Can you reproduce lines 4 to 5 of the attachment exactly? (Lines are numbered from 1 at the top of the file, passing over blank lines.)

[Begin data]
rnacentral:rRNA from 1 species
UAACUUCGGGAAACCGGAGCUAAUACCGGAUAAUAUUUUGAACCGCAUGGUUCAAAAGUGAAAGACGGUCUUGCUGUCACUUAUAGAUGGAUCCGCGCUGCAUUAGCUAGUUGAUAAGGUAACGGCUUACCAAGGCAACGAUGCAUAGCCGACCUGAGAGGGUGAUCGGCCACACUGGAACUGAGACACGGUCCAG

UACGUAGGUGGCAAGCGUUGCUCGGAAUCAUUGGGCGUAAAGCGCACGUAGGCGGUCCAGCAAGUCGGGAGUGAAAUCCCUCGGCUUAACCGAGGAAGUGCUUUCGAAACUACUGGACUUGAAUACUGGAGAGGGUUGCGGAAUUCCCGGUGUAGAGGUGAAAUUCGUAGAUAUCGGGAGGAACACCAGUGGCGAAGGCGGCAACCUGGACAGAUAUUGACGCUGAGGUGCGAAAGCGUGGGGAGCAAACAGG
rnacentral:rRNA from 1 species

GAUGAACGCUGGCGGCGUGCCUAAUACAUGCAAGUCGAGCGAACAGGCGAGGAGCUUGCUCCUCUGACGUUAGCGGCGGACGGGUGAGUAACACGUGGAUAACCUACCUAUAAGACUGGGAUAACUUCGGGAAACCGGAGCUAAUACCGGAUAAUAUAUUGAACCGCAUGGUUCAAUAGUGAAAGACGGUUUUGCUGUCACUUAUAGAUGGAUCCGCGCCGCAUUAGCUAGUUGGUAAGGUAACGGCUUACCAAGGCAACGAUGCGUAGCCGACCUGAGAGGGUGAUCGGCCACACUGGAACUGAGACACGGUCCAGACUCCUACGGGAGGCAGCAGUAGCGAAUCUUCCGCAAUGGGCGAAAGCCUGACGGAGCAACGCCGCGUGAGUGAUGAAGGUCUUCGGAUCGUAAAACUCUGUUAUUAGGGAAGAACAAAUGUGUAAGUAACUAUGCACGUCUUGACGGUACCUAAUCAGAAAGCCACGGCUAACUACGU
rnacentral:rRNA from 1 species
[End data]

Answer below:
rnacentral:rRNA from 1 species

GAUGAACGCUGGCGGCGUGCCUAAUACAUGCAAGUCGAGCGAACAGGCGAGGAGCUUGCUCCUCUGACGUUAGCGGCGGACGGGUGAGUAACACGUGGAUAACCUACCUAUAAGACUGGGAUAACUUCGGGAAACCGGAGCUAAUACCGGAUAAUAUAUUGAACCGCAUGGUUCAAUAGUGAAAGACGGUUUUGCUGUCACUUAUAGAUGGAUCCGCGCCGCAUUAGCUAGUUGGUAAGGUAACGGCUUACCAAGGCAACGAUGCGUAGCCGACCUGAGAGGGUGAUCGGCCACACUGGAACUGAGACACGGUCCAGACUCCUACGGGAGGCAGCAGUAGCGAAUCUUCCGCAAUGGGCGAAAGCCUGACGGAGCAACGCCGCGUGAGUGAUGAAGGUCUUCGGAUCGUAAAACUCUGUUAUUAGGGAAGAACAAAUGUGUAAGUAACUAUGCACGUCUUGACGGUACCUAAUCAGAAAGCCACGGCUAACUACGU